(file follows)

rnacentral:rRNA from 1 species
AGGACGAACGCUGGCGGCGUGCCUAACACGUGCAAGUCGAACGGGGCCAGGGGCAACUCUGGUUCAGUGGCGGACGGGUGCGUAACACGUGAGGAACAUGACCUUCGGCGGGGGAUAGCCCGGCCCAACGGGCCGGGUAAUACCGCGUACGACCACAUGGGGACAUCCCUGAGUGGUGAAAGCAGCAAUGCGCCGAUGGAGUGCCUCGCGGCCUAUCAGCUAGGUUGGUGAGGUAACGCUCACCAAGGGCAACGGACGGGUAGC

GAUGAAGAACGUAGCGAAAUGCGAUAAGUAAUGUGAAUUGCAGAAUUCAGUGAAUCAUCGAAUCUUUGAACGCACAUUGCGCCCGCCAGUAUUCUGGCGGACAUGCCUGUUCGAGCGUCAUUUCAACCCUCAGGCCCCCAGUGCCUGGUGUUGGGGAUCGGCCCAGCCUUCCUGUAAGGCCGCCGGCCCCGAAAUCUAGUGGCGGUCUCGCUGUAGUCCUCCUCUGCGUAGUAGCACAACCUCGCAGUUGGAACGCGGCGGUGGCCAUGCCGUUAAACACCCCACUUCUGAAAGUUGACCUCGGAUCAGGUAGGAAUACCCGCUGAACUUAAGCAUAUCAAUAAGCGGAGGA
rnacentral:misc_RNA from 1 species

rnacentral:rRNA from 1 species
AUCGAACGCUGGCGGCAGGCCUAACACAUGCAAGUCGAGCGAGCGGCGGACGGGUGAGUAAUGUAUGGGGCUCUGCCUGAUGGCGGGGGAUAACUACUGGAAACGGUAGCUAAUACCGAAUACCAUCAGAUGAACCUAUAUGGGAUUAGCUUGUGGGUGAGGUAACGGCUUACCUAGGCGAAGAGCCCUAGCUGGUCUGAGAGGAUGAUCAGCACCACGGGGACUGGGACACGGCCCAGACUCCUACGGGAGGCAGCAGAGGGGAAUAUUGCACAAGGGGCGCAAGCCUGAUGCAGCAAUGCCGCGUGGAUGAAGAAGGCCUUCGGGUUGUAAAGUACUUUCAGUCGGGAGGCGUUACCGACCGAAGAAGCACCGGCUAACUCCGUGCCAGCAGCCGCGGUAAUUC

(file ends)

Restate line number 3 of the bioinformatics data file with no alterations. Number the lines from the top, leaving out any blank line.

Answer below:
GAUGAAGAACGUAGCGAAAUGCGAUAAGUAAUGUGAAUUGCAGAAUUCAGUGAAUCAUCGAAUCUUUGAACGCACAUUGCGCCCGCCAGUAUUCUGGCGGACAUGCCUGUUCGAGCGUCAUUUCAACCCUCAGGCCCCCAGUGCCUGGUGUUGGGGAUCGGCCCAGCCUUCCUGUAAGGCCGCCGGCCCCGAAAUCUAGUGGCGGUCUCGCUGUAGUCCUCCUCUGCGUAGUAGCACAACCUCGCAGUUGGAACGCGGCGGUGGCCAUGCCGUUAAACACCCCACUUCUGAAAGUUGACCUCGGAUCAGGUAGGAAUACCCGCUGAACUUAAGCAUAUCAAUAAGCGGAGGA